The Mel Gibson Film and the Presbyterian Church in
The apostle John, at the very end of his first
epistle writes, "Little children, keep yourselves from idols. Amen" (I
John 5:21). With all the hype over the film, "The Passion of The
Christ," we need to ask ourselves, Do Irish Presbyterians keep
themselves from idols?
It used to be that Protestant and Reformed churches
(the Presbyterian Church in Ireland [PCI] claims to a Reformed church)
abhorred visual representations of God. Those days, it seems, have gone.
The review of the aforementioned movie in the PCI's Presbyterian
Herald (March 2004) states that ''all our clergy'' recommend that
people see this film. Deplorable! Whatever happened to the second
Our Westminster Larger Catechism Answer 109
explains that the second commandment forbids (among other things)
''making any representation of God, of all or of any of the three
persons, either inwardly in our mind, or outwardly in any kind of image
or likeness.'' Thus any attempt to make a picture of Jesus is
idolatry. That is what the Catechism teaches.
Deuteronomy 4:15-19 warns us that we are to make ''no
likeness'' at all of God. Why then should we support a moving picture of
Jesus Christ? Why do we tolerate stained glass windows with Jesus
depicted on them in Presbyterian meeting houses? Why do we have Sunday
Schools using books containing pictures of Jesus? Why do we have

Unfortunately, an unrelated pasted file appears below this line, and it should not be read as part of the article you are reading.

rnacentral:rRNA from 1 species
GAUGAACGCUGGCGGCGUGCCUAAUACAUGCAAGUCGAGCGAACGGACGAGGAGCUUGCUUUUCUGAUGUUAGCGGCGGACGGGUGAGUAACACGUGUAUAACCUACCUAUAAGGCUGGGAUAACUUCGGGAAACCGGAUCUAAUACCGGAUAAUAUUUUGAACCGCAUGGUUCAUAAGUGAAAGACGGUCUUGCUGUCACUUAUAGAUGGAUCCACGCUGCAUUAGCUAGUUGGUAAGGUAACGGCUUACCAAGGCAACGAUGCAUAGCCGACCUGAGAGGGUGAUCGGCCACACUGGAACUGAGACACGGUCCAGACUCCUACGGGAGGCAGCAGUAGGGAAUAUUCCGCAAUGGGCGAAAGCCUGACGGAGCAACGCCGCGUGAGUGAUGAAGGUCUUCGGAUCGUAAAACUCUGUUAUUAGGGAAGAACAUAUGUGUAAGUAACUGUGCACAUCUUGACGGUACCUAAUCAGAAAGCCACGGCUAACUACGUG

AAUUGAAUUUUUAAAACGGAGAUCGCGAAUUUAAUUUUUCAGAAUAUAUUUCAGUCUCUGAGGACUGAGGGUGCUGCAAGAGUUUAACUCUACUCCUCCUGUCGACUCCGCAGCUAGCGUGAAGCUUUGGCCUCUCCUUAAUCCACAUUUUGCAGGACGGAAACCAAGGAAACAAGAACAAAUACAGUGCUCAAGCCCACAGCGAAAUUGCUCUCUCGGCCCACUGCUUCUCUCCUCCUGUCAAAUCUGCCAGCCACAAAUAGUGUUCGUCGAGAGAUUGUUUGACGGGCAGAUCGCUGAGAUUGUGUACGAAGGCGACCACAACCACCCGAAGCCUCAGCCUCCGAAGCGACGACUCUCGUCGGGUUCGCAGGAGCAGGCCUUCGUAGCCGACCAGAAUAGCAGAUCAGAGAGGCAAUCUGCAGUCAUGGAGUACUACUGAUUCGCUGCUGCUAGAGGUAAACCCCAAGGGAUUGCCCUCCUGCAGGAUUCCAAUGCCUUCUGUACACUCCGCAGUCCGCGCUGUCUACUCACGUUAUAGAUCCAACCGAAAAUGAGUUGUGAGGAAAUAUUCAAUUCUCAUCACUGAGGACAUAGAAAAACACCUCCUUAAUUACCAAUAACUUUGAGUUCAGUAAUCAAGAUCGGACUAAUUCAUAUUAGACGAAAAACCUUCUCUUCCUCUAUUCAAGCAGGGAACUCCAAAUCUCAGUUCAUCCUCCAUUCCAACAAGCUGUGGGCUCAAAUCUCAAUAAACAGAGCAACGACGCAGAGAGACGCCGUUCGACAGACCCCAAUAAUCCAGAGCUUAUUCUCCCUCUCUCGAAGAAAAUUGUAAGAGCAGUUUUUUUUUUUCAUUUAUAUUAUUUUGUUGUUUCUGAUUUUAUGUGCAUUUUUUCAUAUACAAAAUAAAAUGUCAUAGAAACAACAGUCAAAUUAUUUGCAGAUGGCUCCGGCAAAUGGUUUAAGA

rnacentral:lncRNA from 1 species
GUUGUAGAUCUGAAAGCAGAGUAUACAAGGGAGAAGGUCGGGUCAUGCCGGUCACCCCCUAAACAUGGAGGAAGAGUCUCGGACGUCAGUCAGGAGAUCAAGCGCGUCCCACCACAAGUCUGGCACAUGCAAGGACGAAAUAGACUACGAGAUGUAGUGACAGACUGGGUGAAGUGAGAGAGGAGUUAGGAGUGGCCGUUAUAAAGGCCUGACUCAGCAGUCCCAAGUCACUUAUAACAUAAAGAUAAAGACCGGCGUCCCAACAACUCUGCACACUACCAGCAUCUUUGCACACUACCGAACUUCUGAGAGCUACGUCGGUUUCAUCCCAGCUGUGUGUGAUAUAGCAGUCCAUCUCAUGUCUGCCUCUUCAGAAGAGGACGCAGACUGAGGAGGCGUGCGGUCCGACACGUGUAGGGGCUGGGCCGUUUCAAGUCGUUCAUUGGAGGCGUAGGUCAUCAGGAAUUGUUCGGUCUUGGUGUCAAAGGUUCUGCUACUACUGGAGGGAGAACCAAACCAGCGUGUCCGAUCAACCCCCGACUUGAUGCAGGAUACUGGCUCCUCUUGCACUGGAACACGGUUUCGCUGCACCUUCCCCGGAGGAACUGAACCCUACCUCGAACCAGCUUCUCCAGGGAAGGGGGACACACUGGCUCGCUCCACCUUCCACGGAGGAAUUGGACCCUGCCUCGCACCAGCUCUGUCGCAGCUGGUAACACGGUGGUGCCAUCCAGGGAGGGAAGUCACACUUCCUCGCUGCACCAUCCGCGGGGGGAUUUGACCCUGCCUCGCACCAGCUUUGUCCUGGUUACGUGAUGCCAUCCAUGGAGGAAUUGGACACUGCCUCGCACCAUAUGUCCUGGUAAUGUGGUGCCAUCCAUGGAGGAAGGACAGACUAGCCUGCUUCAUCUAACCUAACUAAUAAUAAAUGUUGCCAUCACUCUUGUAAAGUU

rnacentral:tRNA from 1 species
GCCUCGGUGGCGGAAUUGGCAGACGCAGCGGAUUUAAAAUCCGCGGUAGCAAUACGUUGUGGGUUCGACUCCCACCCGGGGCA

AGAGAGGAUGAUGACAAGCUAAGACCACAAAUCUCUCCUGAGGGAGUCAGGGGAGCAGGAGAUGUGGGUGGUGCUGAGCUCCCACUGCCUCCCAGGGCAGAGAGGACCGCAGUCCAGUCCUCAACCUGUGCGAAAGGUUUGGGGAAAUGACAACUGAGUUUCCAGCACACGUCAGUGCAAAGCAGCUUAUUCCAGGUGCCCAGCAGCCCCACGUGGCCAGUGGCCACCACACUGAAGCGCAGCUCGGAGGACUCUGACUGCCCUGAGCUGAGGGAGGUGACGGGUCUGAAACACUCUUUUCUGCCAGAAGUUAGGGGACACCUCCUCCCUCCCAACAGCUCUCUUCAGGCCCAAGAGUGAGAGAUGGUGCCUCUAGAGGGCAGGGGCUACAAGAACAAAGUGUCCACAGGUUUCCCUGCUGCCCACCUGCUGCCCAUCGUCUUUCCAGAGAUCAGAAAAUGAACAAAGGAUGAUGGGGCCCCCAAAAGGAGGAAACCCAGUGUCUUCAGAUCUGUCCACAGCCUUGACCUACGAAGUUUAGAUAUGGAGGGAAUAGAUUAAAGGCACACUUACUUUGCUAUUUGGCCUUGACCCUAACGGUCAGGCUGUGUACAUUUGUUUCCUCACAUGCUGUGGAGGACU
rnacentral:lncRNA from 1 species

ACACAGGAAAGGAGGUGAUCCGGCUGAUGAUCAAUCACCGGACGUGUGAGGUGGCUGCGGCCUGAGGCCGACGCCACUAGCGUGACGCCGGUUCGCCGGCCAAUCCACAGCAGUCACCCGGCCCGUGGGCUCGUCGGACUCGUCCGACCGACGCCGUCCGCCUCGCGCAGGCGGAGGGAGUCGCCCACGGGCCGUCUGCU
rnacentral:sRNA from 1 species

"Nativity Scenes" with little idols, or even "Nativity Plays" where we
encourage our children to use a doll to represent the infant Christ? Why
do we use "The Jesus film" to evangelise? Our Presbyterian forefathers
would be appalled.
"The Passion" movie and the supposedly "evangelical"
"The Jesus film" are idolatry. The Passion movie is a live-action
crucifix. Just as we wouldn't have a dumb crucifix in our homes, so we
don't need a movie (a moving and speaking crucifix) to teach us the
sufferings of Jesus.
What we need is the preaching of the Gospel—clear
expository preaching. We need to be told through preaching that
Jesus Christ was made "sin for us who knew no sin" (II Cor. 5:21). We
need Him to be "evidently set forth crucified among" us (Gal. 3:1), not
by a film but through "the hearing of faith" (Gal. 3:2). We need to know
that He made a particular, effectual atonement for all the sins of His
elect and them only. We need to have explained to us from the Bible that
Jesus is a true and complete Saviour.
We need to cease from "the wisdom of this world" (I
Cor. 1:20) and trust in the wisdom of God, for "it pleased God by the
foolishness of preaching [not plays, or movies] to save them that
believe" (I Cor. 1:21). Remember, the apostles were not accompanied by a
travelling "Passion Play." They simply preached! Preaching is "the power
of God unto salvation to every one that believeth" (Rom. 1:16). The
church has no need for idolatrous movies!
It grieves me how many church leaders have applauded
the movie and failed to warn the sheep. Where has their discernment
gone? From first to last, Mel Gibson dares to add to the Word of God
(Rev. 22:18-19), and the evangelical world as a whole applauds him for
it. In this movie, the apostles call Mary "Mother," and Peter confesses
his sin of denying Christ to Mary. In the film, Jesus is tempted by the
devil in the Garden of Gethsemane (Luke 22:43 tells a different story)
and many other errors are added. This film may appeal to our emotions
(yet see Luke 23:28) but it cannot produce repentance or faith; it
cannot justify, sanctify or educate us; and God forbid that we should be
entertained by the sufferings of Christ!
It is time
that Presbyterians examine themselves and cry out to God, "Lord, have
mercy upon me, an idolater!" (cf. Luke 18:13).